New feature on Riot’s pro game broadcast site: a live stats board. It updates once a second in your browser showing you game stats. Also features for Twitter messages, game stream info, etc. It’s the stats I’m interested in.
Here’s the data on display:
- Match type. Game #. Games won / lost by each team. Team and player names.
- Kills in current game. Also objectives: inhibs, barons, dragons, towers.
- Total team gold.
- For each player: kills/death/assists, CS, and gold.
The game stats are implemented with a web socket. (There’s also some JSONP being polled for other features; the stats are a web socket.) I wrote a Python program to record the data. They generally send one message a second, about 500 bytes, updates to things like player gold, kills, etc. It’s a pretty efficient implementation.
The data on the web socket is mostly what you’d expect to implement that display. Messages usually contain updates on player stats: total gold, current gold, experience points, and player position. Variables are only in the JSON blob if their value has changed. A bunch of oddball updates sometimes come through for things like CS, player kills, etc. And then teamStats updates for tower kills, etc. They’re also tracking player double kills, triple kills, etc. Nothing in the stream about item purchases that I’ve seen.
There’s also some special messages. The first message on the socket is about 14k and contains all the data that ordinary isn’t changing, stuff like player name. When a new game starts the info about what champions are in the game is sent along. When a game ends there’s a gameComplete message. That kind of thing.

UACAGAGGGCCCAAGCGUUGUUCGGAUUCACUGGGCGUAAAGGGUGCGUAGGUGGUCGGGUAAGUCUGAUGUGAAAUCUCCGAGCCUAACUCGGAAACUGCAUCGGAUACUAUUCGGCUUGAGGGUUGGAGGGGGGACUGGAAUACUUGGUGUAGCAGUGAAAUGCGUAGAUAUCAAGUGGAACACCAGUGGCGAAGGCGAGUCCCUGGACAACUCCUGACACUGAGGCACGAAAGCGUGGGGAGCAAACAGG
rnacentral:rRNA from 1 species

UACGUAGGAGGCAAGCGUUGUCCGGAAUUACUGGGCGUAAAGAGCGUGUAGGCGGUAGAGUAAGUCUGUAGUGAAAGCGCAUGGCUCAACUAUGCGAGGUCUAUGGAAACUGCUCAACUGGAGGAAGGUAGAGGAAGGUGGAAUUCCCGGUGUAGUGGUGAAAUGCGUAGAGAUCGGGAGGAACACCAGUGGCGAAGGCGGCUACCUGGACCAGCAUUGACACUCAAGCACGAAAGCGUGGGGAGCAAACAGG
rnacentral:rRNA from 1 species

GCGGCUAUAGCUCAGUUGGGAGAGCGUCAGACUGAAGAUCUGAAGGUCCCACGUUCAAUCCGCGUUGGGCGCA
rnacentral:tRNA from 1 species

The most interesting thing I’ve found in the data stream is player position. It’s currently not being used by Riot’s web client. Should be possible to use that to animate a version of the game. riftwalk.gg had something like that based on replays before it got shut off, would be nice to feed this stream to that visualization code.
My Python client is having the socket closed on it every 90 seconds. I just re-open it for now, seems to work. The web client in Chrome doesn’t seem to be doing that. Wireshark tells me that there’s a ping/pong Chrome is exchanging every 45 seconds. I’m guessing the Python client isn’t responding to pong and after two failed pings the connection closes. A bit confused why the pong doesn’t come through, the Python library looks like it just handles that for me.
Update: I looked in Wireshark and found the Python client is sending pong responses, but they’re getting TCP fragmented into two packets maybe because of the way the async writing code works. I’ve opened an issue on GitHub seeing if my analysis is correct and whether it’s something that could change. Update 2: I guessed right! The author changed the code to not fragment the packet and now I can stay connected. Yay!
The web socket hosted at ws://livestats.proxy.lolesports.com/stats. The socket requires a JSON web token to connect, which is some signed blob, although it’s not tied to any personal secret like a password login. I pulled one out of my browser and decoded it via jwt.io, it contains a bunch of IDs. Also has what looks like an expiration date, token is good for a week. I just pulled the token out of my browser and reused it in the Python code.